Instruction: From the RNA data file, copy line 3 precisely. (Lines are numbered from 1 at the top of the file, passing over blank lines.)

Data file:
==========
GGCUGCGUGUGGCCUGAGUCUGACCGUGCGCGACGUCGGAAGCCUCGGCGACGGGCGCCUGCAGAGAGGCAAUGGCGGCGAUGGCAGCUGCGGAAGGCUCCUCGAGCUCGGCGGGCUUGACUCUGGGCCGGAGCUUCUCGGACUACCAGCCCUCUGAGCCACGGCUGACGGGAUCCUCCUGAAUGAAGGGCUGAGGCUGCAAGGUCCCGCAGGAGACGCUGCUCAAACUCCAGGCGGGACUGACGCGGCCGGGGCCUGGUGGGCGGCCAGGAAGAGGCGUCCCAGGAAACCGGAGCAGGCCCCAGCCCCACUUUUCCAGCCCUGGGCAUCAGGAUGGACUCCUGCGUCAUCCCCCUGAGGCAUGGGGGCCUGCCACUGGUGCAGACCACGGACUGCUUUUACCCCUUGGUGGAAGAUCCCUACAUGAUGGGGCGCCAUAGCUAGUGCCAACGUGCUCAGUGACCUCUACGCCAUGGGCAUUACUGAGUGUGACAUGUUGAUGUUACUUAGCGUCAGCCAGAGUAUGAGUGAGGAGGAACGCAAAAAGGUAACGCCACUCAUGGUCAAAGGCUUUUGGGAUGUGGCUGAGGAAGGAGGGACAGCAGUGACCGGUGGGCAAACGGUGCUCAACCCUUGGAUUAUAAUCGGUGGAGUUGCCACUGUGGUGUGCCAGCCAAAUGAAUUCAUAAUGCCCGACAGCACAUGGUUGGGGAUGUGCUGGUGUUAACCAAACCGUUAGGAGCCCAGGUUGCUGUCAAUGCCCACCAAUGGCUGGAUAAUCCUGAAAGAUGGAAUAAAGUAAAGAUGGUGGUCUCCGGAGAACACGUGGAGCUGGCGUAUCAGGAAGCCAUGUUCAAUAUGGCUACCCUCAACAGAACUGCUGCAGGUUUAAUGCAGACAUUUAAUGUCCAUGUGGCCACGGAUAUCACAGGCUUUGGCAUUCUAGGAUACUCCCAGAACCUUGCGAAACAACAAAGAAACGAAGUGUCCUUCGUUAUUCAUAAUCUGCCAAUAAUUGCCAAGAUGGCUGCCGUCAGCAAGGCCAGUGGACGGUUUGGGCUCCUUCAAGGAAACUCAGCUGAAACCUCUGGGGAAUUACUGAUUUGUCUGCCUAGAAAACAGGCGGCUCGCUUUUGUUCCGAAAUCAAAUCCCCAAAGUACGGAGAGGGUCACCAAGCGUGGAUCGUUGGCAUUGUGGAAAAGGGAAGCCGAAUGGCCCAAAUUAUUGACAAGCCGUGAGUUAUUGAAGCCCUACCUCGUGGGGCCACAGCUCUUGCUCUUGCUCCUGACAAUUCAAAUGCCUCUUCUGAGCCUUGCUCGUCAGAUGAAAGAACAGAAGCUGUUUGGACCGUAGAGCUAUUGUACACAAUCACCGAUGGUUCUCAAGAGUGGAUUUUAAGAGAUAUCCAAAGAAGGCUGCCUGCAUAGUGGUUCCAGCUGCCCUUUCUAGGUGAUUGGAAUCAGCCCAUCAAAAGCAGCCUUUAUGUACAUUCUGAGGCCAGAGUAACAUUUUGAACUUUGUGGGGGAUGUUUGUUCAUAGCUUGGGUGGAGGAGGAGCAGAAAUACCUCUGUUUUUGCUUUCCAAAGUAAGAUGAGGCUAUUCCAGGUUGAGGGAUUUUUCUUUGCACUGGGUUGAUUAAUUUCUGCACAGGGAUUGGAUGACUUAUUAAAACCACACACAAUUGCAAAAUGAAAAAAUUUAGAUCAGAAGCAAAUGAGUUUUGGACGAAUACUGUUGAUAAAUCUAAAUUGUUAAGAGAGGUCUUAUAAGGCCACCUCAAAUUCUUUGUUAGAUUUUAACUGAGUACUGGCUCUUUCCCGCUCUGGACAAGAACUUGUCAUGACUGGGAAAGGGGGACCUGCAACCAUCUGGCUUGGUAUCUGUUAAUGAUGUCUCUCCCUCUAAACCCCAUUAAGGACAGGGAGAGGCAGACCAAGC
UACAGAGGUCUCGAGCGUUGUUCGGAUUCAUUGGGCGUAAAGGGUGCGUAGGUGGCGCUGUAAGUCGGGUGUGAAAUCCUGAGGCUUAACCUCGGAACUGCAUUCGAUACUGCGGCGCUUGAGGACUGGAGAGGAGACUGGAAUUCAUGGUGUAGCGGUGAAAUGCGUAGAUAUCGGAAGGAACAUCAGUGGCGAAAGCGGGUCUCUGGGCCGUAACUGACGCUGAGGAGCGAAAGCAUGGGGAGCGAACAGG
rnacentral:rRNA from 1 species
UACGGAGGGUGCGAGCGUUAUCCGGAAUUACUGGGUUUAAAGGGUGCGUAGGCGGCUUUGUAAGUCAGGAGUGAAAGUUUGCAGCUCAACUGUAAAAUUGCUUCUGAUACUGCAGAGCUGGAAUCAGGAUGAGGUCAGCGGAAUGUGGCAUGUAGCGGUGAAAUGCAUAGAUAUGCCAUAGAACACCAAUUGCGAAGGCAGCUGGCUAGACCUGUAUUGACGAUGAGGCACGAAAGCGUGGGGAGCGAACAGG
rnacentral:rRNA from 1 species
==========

rnacentral:rRNA from 1 species